Yosemite – Sierra Nevada

So, here’s another weekend and we were off on another escapade. This time – Yosemiti – Sierra Nevada. First a little bit of history about Yosemite. Yosemite means literally “those who kill” (Yos, “to kill,” the modifier e, “one who,” and the plural suffix -meti). It was used by the surrounding Miwok tribes. The Yosemite people were referred to as killers by these surrounding tribes, who feared them. Yosemite is pronounced yo-SE-mea-tea.

Suresh and Senthil PK (PSK) came over to my place by 5:30 am. Myself and Senthil KV (SKV) were already ready and packed up. We started off immediately. We had google map printouts and Sierra-Nevada maps with us. And we lost our way!!!! But we managed to reach the Yosemite through another entrance. The entire route was very sunny and hot.


Where in the world are we?

Enroute we stopped at Mariposa (means Butterfly in spanish) County which had a tourist information center. The Forest Rangers adviced us that the Tioga Pass and the El Portal pass are closed and redirected us on the forward route and we started up the mountain as per their maps. Driving through the winding narrow roads with really tall trees on both sides was a real pleasure. Just before the entrance to the Yosemite Park, there was a long queue of vehicles paying at the counter and entering the area. We joined the queue after almost 1/2 hours slow movement arrived at the gate and payed 20 USD (fee for a permit to enter and be in the Yosemite Valley for a week).


The small lake in the mountain. At Mariposa.


Touching snow for the first time in life.

Our first stop was the Glacier Point. The drive to that place was too good. At the gate, we were at a height of 4000 ft above sea level and after driving for nearly 1/2 hr we started seeing the first signs of snow. The sun was shining bright but the air was cool. We couldnt believe to see snow here as just about 2 hours ago we were feeling really hot from the summer sun.


From a Vista Point with the Sierra-Nevada Ice caps behind me.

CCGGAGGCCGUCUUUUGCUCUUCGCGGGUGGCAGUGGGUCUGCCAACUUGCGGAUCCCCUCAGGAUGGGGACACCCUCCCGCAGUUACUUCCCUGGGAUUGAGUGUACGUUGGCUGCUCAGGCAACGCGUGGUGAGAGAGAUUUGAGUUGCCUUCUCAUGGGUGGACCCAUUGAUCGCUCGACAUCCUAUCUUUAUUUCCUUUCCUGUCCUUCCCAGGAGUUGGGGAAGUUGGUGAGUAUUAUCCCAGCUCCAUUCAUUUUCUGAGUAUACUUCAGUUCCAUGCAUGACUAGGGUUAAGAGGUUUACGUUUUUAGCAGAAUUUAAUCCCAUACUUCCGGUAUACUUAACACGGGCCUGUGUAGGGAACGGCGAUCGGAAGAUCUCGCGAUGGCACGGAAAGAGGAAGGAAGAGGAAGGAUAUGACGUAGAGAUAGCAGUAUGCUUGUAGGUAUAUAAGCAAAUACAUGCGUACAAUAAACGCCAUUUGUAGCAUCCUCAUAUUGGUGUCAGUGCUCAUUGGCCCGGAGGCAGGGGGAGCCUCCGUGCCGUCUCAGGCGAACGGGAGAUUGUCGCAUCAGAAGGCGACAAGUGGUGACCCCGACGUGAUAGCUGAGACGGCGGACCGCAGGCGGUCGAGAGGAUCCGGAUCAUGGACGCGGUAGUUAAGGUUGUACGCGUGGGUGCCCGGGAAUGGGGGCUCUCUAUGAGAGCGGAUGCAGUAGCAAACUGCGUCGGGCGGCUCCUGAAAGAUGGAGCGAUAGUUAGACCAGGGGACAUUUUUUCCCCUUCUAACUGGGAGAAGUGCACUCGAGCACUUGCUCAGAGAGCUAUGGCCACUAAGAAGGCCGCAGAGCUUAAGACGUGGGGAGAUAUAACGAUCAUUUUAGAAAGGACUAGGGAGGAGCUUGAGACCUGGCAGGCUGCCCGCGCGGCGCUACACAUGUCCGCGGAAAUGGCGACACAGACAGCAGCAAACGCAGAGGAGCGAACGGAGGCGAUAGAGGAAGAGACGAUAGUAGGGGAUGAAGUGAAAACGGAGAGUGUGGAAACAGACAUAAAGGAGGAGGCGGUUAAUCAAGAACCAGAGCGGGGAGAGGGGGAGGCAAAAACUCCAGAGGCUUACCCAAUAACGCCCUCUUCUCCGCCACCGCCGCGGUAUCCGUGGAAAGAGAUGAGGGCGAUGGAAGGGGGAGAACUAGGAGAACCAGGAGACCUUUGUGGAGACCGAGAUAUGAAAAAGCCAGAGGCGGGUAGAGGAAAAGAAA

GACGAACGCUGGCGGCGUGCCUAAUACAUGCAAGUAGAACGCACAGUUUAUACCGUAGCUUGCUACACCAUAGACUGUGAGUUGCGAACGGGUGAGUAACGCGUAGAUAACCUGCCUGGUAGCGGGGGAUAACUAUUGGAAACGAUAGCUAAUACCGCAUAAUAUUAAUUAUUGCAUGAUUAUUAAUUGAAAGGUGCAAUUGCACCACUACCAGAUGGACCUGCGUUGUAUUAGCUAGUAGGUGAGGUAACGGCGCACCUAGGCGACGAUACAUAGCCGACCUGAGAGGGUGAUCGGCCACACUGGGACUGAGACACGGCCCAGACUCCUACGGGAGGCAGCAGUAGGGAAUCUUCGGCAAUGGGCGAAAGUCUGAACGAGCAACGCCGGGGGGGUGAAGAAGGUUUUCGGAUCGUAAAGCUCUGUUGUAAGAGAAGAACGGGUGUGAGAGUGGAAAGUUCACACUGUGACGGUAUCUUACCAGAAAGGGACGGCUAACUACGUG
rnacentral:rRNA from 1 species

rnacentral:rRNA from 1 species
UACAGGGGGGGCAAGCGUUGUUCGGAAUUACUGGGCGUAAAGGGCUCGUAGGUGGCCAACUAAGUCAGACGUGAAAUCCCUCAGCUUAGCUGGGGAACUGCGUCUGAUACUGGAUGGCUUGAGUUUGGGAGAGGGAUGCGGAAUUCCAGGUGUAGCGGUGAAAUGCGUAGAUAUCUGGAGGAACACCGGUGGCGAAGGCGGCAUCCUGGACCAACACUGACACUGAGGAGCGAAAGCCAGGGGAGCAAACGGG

The slanting mountainscapes of Yosemite.

Before we reached the glacier point, we drove past various vista points and we stopped at one-from where we could see the top most peaks of the Sierra-Nevada. I personally would have liked to stop at all the vista points and visit the small lakes in the mountain. But, we didnt have much time and also the other guys in the team were interested only at the end point destination. They had no intention of enjoying the beauties enroute. Two of them were asleep most of the time.

At glacier point , we visited the restrooms and he souvenier shop. They also had a food spot from where I picked up a cheese sandwich (which was the worst food I have had ever since birth). I wonder how can man make such awful tasting stuff. They might have had good stuff on the non-veg side, though. From the shop, the Glacier Point is a 1/4 mile hike.


At the Glacier Point (7000 ft). The famous Half Dome behind me.

Seeing the Valley through Dad’s Binos. Really wish he were still with me.
I hope he sees the beauty of the world through my eyes now.

The Glacier point is 7000 ft above sea level. It seems that during the Ice Age, snow had covered up the entire mountain range upto a feet of 9000 ft. Which means the spot we were standing at, would have been deep under the surface during that time. At the end of the Ice age, the snow started melting and the huge glaciers started moving carving a valley out of hard granite rock leaving behind the ‘hanging valleys’ of Yosemite. Thats the history of the place. After spending some time looking at the Yosemite Valley below and admiring the beauty of one of nature’s masterpieces, we started heading towards the Yosemite Falls. To get up close to the falls we have to drive down the mountain and get to the Yosemite valley floor. And thats just what we did.


Yosemite Falls


Streams from the Yosemite Falls